A personal transformation
I have a daily schedule of spiritual practises which begins at 4.00 am. For the last two decades I live in a monastery where we chant, pray and meditate collectively. One important item in this list is to chant the Holy Names softly on our beads, for over two hours. We repeat an ancient mantra over 1500 times and keep a simple counting process that would tell us when we had done our quota. We’d often hear in classes and also individually affirm that we need to be ‘present’ during our chanting, and how being ‘here in the now’ is the essence of this sacred practise.
Yet ‘attention’ is easier spoken about than experienced in this age of massive distractions. Even monks in a monastery could be victims of social media and watsapp and a plethora of other apps that sucks away our ability to be attentive. I’d get discouraged because the mind, needless to say, runs riot during the chanting and the session becomes a mere ritual that needs to be done with. The heart isn’t experiencing the sublime glories of the Holy Names that we hear from our scriptures.
One evening I realized the gap between the attention I wish I had daily, and the harsh reality of being terribly distracted could be bridged by a simple practise.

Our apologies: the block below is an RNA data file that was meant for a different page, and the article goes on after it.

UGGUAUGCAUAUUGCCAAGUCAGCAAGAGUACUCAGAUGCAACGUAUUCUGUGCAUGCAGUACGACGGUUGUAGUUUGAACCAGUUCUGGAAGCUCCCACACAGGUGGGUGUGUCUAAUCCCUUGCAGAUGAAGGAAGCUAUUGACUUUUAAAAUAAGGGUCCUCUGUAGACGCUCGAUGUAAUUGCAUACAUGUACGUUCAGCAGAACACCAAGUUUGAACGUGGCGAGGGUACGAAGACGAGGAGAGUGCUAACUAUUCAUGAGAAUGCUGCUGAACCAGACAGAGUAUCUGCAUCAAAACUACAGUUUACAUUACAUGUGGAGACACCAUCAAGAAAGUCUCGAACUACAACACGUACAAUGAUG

I decided to not worry about the inattentive 1500 mantras, but just get five attentive mantras done. As I slowly and consciously invested my attention and prayer on the Holy Names, the five chants of an ancient sound nourished me. I was tempted to chant another one. The extra I chanted was because I wanted to do it, not because I have to or I have vowed. Slowly I realized I was chanting more then 50-60 attentive mantras during my two hour session. That’s a big deal of three percent attention rate. Compared to a dry ritual that my spiritual practise had become, now I was chanting three percent of my mantras attentively! Yet I stuck to my minimum of five mantras. Then even if the mind wandered I wouldn’t be harsh; I’d accept my inattention. I would soon tell myself, ‘It’s all right, you have already done your five mantras, you could try one more if you wish’.
As I began to go through the motions of chanting my 1500 mantras, I felt a sense of victory because I did chant fifty of those in attention. Slowly I was tempted to raise the target to ten, not because I ‘have to’; rather I ‘want to’ and it’s within my expanded comfort circle.
To be continued….